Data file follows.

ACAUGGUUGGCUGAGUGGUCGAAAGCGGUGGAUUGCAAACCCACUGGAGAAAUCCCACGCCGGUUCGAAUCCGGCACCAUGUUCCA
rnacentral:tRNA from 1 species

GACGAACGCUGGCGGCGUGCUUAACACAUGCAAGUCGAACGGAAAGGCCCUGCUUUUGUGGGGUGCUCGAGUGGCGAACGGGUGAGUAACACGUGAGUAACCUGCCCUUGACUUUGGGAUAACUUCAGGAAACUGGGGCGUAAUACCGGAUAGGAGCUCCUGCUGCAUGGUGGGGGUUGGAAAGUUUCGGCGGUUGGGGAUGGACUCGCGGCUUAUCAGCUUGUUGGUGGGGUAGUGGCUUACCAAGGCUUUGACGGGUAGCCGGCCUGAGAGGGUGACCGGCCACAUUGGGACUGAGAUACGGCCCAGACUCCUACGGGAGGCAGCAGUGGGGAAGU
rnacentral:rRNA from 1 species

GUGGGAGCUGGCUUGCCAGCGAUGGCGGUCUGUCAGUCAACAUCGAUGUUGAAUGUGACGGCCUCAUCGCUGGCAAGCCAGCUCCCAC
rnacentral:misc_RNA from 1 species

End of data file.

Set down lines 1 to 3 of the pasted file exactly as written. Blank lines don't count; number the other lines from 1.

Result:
ACAUGGUUGGCUGAGUGGUCGAAAGCGGUGGAUUGCAAACCCACUGGAGAAAUCCCACGCCGGUUCGAAUCCGGCACCAUGUUCCA
rnacentral:tRNA from 1 species

GACGAACGCUGGCGGCGUGCUUAACACAUGCAAGUCGAACGGAAAGGCCCUGCUUUUGUGGGGUGCUCGAGUGGCGAACGGGUGAGUAACACGUGAGUAACCUGCCCUUGACUUUGGGAUAACUUCAGGAAACUGGGGCGUAAUACCGGAUAGGAGCUCCUGCUGCAUGGUGGGGGUUGGAAAGUUUCGGCGGUUGGGGAUGGACUCGCGGCUUAUCAGCUUGUUGGUGGGGUAGUGGCUUACCAAGGCUUUGACGGGUAGCCGGCCUGAGAGGGUGACCGGCCACAUUGGGACUGAGAUACGGCCCAGACUCCUACGGGAGGCAGCAGUGGGGAAGU